4 The ‘houselling populations’ for Bristol’s parishes are taken from the mid sixteenth-century Chantry Certificates – most easily accessible in Maclean, J., ed., ‘Chantry Certificates, Gloucestershire’, Transactions of the Bristol and Gloucestershire Archaeological Society [hereafter: TBGAS] 8 (1883-84), 229308.

5 I am indebted to Dr James Lee for advice on this point.

6 Orme, N., ‘The Guild of Kalendars, Bristol’, TBGAS 96 (1978), 3252 , is essential reading on this fraternity and its fortunes in the fifteenth century.

7 Full transcriptions of the great majority of the All Saints’ archive are now available in three volumes of the Bristol Record Society: Clive Burgess, ed., The Pre-Reformation Records of All Saints’, Bristol: Parts 1, 2 and 3, Bristol Record Society’s Publications 46, 53, 56 (1995, 2000 and 2004) [hereafter: ASB 1, ASB 2 and ASB 3].

8 These are all printed in the first section of ASB 3.

9 Printed in ASB 1.

10 Printed in ASB 2.

11 The Halleway chantry materials and All Saints’ deeds respectively constitute the second and third sections of ASB 3.

12 Powicke, F. M. and Cheney, C. R., eds, Councils and Synods with other Documents relating to the English Church II, AD 1205–1313 (Oxford, 1964), 1: 128, 367; 2: 1006, 112223 . C. Drew, Early Parochial Organisation in England. The Origins of the Office of Churchwarden, St Anthony’s Hall Publications 7 (York, 1954) provides useful discussion on the impact of such obligations.

13 For convenient discussion of this doctrine and its impact, see Duffy, E., The Stripping of the Altars: Traditional Religion in England, 1400–1580, 2nd edn (New Haven, CT, and London, 2005), ch. 10; also my A Fond Thing Vainly Invented’, in Wright, S.J., ed., Parish, Church and People: Local Studies in Lay Religion, 1350–1750 (London, 1988), 5684.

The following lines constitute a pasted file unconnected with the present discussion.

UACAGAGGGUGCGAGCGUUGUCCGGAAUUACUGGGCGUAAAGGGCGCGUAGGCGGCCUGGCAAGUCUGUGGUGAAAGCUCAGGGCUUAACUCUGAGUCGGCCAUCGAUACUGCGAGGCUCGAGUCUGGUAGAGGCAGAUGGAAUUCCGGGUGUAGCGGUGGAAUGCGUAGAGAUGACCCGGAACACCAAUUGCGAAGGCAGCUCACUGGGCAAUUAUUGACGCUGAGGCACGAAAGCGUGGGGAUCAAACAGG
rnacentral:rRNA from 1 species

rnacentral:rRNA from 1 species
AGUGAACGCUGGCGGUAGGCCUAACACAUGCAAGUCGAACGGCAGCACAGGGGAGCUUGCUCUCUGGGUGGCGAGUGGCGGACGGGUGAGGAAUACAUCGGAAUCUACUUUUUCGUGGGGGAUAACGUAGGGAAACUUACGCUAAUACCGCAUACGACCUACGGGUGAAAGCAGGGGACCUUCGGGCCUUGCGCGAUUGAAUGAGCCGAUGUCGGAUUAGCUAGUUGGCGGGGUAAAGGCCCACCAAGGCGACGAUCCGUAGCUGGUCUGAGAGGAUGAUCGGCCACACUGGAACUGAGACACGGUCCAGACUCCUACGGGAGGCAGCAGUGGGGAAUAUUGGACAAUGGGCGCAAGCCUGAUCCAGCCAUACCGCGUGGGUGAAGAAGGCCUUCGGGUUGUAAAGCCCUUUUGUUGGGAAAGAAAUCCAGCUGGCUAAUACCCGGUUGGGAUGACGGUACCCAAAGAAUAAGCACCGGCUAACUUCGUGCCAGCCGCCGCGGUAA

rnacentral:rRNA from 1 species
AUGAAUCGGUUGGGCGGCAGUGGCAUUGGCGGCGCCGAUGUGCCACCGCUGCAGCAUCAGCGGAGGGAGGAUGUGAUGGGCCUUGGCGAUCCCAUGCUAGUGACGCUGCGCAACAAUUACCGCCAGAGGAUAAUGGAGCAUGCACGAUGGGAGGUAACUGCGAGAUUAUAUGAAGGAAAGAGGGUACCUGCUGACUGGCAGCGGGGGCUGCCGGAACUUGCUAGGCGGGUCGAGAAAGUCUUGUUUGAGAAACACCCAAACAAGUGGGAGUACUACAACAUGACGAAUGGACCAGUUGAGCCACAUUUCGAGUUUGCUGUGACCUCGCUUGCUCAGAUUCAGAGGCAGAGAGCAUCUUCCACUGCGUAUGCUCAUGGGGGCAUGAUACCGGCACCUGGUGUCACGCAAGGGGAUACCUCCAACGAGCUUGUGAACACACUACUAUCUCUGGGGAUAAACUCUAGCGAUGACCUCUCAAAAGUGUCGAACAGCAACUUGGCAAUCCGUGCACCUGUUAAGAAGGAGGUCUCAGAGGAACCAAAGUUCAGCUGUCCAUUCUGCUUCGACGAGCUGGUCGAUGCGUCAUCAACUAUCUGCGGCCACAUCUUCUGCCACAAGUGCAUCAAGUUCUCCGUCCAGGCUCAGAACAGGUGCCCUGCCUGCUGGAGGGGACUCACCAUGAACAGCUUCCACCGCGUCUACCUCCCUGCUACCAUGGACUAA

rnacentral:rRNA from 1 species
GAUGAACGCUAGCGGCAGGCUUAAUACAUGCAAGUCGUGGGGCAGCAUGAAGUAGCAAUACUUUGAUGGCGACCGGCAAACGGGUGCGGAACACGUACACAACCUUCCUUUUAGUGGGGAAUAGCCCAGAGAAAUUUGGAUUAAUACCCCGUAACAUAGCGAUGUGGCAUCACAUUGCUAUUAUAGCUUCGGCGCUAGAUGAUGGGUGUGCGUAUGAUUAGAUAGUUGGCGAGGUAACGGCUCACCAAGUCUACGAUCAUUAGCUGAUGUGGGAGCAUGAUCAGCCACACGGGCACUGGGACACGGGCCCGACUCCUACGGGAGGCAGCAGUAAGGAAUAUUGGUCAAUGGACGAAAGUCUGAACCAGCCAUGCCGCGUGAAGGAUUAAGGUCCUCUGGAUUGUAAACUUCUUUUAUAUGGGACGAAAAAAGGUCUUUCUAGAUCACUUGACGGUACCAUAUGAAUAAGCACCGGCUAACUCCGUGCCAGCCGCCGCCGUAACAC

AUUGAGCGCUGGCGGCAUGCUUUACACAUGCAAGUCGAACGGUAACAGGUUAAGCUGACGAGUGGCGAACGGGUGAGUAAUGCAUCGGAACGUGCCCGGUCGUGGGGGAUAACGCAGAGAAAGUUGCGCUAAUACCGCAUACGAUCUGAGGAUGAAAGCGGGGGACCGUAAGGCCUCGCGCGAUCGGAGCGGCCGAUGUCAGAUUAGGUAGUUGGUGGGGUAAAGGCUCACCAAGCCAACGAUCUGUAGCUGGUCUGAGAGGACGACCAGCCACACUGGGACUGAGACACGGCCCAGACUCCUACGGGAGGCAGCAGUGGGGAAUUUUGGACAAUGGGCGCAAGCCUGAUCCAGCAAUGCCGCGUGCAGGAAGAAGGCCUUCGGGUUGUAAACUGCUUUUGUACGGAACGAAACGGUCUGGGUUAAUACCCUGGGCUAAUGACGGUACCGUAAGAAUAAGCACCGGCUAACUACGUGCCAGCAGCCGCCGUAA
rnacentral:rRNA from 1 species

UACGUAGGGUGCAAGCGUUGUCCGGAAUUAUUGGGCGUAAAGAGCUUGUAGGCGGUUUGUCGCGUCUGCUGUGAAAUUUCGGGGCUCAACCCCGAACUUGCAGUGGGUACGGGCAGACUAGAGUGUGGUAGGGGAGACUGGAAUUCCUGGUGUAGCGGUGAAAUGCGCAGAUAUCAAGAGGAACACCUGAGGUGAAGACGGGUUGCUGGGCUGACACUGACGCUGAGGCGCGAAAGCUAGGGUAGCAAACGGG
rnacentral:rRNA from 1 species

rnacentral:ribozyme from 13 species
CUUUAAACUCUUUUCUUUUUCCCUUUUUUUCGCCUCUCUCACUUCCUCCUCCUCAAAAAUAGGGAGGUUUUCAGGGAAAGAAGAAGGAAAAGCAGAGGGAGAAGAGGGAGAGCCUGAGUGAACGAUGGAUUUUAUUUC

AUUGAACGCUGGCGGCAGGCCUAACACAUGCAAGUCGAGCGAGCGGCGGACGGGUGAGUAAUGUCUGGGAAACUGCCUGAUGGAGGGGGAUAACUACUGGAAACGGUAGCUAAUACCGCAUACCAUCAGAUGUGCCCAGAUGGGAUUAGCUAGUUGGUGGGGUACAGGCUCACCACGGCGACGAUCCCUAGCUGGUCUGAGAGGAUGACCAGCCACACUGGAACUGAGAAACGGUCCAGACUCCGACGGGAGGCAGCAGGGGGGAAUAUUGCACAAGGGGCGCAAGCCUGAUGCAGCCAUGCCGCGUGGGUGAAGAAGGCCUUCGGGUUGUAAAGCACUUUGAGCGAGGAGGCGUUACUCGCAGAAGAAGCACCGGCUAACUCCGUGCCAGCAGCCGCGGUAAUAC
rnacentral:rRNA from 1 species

14 Respectively, the series of epitomes of successive pairs of churchwardens and the tidied version of old accounts, to be found in ASB 1, 45–49 and 49–135.

15 The Masters of the parish receive more attention in my Pre-Reformation Church-wardens’ Accounts and Parish Government: Lessons from London and Bristol’, EHR 117 (2002), 30632.

16 ASB 1, 15.

17 Ibid. 21–22.

18 Ibid. 13.

19 Ibid. 17. As the subsequent exhortation makes clear, the initials are those of her late husband, Henry, and herself.

20 Ibid.

21 ASB 3, will 16, clause 5. Clement Wilteshire died suddenly while serving as mayor of Bristol in 1492, probably at Christmastide. The will that survives for him was evidently made, following common precautionary practice, some years before his decease; those granted the opportunity recast their wishes in the days or hours before death.

22 Ibid., will 18, clause 4.

23 Ibid., will 3, clause 11.

24 He may, unusually, have bothered to specify this since he was not a parishioner of All Saints’ when he died, although it had clearly been his parents’ parish and he would probably have grown up there. He obviously felt obliged to be precise as to the location of this observance.

25 In the unbound churchwardens’ accounts for 1478–79, for instance, there is a payment for bedes being hung up in the church, and later taken down and folded up (ASB 2, 93), which may possibly suggest some overlap between tables of memory and bede rolls.